Longfellow Bridge Receives ‘Most Important Historic Preservation Award’ in U.S.

Award-winning bridge designer and longtime Beacon Hill resident Miguel Rosales was on hand to receive what is considered the most important historic preservation accolade in the U.S. for restoration work on the Longfellow Bridge on Oct. 11 at the Downtown Sheraton in Denver, Colo.

“Having the Longfellow Bridge receive the highest national recognition bestowed by the National Trust for Historic Preservation, should be a great source of pride to the residents of Massachusetts,” wrote Rosales of receiving the Richard H. Driehaus Foundation National Preservation Award. “I am hopeful that the outstanding preservation of the landmark Longfellow Bridge will inspire other communities in the country to continue to preserve and restore historic bridges while also strengthening and enhancing them to meet modern standards. After being involved in the project for close to 15 years, it is rewarding that the bridge preservation effort is being recognized with this great honor.”

Miguel Rosales and Brian Olp from STV, Engineers of Record for the Longfellow Bridge rehabilitation project.
The Longfellow Bridge.

Rosales, who was also the leading architect behind the Leonard P. Zakim Bunker Hill Bridge, helped oversee the $300 million-plus rehabilitation of the iconic “salt-and-pepper bridge” that spans the Charles River from Boston to Cambridge across the Charles River. Named for Henry Wadsworth Longfellow, the bridge was originally built in 1907 and hadn’t been upgraded since the 1950s until the most recent restoration was completed last year.

Besides the Longfellow, other recipients of this year’s Driehaus Awards are the Unity Temple in Oak Park, Ill., a beloved Frank Lloyd Wright-designed building that recently underwent a $25 million facelift; and South Street Landing in Providence, R.I., a former power plant that has been repurposed as a shared use space for local universities after sitting vacant for 17 years.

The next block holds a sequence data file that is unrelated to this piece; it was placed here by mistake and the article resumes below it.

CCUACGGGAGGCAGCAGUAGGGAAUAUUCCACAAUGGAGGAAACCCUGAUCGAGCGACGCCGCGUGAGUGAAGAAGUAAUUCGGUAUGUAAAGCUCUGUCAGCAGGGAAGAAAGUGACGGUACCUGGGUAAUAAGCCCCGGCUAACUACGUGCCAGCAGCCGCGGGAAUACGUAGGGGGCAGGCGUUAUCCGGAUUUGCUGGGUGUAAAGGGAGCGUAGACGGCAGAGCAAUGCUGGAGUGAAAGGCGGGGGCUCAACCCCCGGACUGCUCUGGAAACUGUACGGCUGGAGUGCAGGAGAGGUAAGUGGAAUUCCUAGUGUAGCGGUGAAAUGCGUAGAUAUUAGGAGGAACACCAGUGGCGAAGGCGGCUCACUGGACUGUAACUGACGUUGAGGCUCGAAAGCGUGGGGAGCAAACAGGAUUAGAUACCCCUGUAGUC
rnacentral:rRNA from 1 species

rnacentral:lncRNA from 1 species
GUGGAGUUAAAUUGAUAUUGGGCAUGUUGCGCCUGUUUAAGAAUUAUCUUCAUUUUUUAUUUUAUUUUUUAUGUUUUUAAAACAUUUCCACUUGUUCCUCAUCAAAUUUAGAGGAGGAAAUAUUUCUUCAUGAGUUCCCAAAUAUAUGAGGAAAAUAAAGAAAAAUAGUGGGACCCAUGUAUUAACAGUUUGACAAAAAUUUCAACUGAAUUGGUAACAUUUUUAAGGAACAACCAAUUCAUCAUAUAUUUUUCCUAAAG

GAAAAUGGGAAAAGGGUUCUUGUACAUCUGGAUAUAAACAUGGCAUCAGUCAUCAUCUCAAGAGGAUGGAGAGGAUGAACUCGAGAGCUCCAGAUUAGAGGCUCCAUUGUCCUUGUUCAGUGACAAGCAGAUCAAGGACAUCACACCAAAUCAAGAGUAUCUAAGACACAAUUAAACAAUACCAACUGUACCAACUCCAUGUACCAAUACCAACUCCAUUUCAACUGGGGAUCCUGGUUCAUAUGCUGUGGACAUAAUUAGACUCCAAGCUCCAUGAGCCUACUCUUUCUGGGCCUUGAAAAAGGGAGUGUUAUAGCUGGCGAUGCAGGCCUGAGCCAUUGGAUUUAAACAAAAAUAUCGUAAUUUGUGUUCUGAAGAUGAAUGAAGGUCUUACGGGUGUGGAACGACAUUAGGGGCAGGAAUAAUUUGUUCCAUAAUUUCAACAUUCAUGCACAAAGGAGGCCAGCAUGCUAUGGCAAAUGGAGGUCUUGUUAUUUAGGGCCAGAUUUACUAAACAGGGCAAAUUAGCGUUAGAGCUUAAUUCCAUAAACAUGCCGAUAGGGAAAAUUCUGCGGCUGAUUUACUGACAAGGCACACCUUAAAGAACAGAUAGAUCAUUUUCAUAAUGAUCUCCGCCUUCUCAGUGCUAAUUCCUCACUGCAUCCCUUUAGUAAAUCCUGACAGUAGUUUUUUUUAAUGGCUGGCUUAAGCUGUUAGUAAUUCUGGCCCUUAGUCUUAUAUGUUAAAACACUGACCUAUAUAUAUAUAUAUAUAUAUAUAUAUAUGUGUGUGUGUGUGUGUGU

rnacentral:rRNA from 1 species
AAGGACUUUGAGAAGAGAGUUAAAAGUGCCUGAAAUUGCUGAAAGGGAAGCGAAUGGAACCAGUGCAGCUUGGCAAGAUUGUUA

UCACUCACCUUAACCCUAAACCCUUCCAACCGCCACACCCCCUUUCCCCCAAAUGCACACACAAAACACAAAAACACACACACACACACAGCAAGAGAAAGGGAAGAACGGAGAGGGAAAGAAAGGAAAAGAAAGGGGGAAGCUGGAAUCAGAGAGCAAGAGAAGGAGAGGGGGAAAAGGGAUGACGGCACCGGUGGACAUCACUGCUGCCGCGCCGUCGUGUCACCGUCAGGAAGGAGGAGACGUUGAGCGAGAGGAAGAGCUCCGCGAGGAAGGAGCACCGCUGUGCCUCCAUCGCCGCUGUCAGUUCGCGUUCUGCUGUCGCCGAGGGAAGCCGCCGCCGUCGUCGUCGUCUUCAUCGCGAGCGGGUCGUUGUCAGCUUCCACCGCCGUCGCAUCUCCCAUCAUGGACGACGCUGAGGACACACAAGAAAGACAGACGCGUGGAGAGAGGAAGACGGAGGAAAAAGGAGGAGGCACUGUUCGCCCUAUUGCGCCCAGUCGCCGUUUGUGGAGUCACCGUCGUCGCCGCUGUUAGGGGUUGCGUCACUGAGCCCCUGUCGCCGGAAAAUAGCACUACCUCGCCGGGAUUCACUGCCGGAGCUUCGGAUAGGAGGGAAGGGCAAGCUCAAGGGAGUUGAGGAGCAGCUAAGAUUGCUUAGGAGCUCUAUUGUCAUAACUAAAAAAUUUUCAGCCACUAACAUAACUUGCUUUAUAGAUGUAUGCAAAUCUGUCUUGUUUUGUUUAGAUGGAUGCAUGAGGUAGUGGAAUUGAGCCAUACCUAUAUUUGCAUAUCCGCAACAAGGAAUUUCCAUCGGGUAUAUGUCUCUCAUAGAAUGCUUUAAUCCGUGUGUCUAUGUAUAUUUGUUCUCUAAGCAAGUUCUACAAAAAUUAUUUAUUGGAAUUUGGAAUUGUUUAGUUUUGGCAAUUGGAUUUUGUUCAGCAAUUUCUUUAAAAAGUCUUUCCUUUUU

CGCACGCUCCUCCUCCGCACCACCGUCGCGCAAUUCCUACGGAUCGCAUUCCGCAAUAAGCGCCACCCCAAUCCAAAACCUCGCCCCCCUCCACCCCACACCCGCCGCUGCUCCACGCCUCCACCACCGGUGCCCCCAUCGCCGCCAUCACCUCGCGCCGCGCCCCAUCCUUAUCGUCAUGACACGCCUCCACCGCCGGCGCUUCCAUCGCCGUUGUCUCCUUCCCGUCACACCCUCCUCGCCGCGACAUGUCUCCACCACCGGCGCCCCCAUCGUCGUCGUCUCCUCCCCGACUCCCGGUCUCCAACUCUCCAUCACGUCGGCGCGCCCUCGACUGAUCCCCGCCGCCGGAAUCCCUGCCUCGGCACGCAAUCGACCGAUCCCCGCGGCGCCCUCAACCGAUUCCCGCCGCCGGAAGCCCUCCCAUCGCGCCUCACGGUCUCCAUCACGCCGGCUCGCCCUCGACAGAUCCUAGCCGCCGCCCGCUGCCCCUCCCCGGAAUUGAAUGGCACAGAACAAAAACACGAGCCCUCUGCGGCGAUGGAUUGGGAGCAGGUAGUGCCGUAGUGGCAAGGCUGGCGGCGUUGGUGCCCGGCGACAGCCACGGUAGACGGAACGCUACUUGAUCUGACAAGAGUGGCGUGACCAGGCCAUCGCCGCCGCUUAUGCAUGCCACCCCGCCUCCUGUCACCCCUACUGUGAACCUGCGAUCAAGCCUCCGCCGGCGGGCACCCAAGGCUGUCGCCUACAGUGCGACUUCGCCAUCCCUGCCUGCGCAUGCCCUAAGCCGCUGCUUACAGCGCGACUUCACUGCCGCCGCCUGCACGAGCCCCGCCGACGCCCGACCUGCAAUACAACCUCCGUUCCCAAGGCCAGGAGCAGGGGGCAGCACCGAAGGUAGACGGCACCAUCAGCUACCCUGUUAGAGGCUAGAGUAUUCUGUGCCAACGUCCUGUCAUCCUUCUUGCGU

“We are thrilled to support the National Trust awards program and honor the preservation talent that is celebrated every year,” Anne Lazar, executive director of the Driehaus Foundation, stated in a press release. “The winners this year from Oak Park, Providence, and Boston are such fine examples of respecting the past, acknowledging the present and enriching the future.”

The Longfellow project has also earned a Preservation Achievement Award from the Boston Preservation Alliance, as well as a Massachusetts Historical Commission Preservation Award.

Rosales also designed the $12.5 Frances Appleton Pedestrian Bridge as a major component of the Longfellow project. The 230-foot-long, steel arch span that links Beacon Hill/Charles Circle to the Charles River Esplanade opened last year. It is named for “Fanny” Appleton, Longfellow’s wife, as a lasting testament to their courtship during the 1840s when he crossed the Charles River from Cambridge to Beacon Hill each day to visit her.

To date, the Appleton has also been recognized with the Arthur G. Hayden Medal, an international award recognition for bridge innovation and design, as well as the 2019 American Architecture Award from the Art Institute of Chicago.

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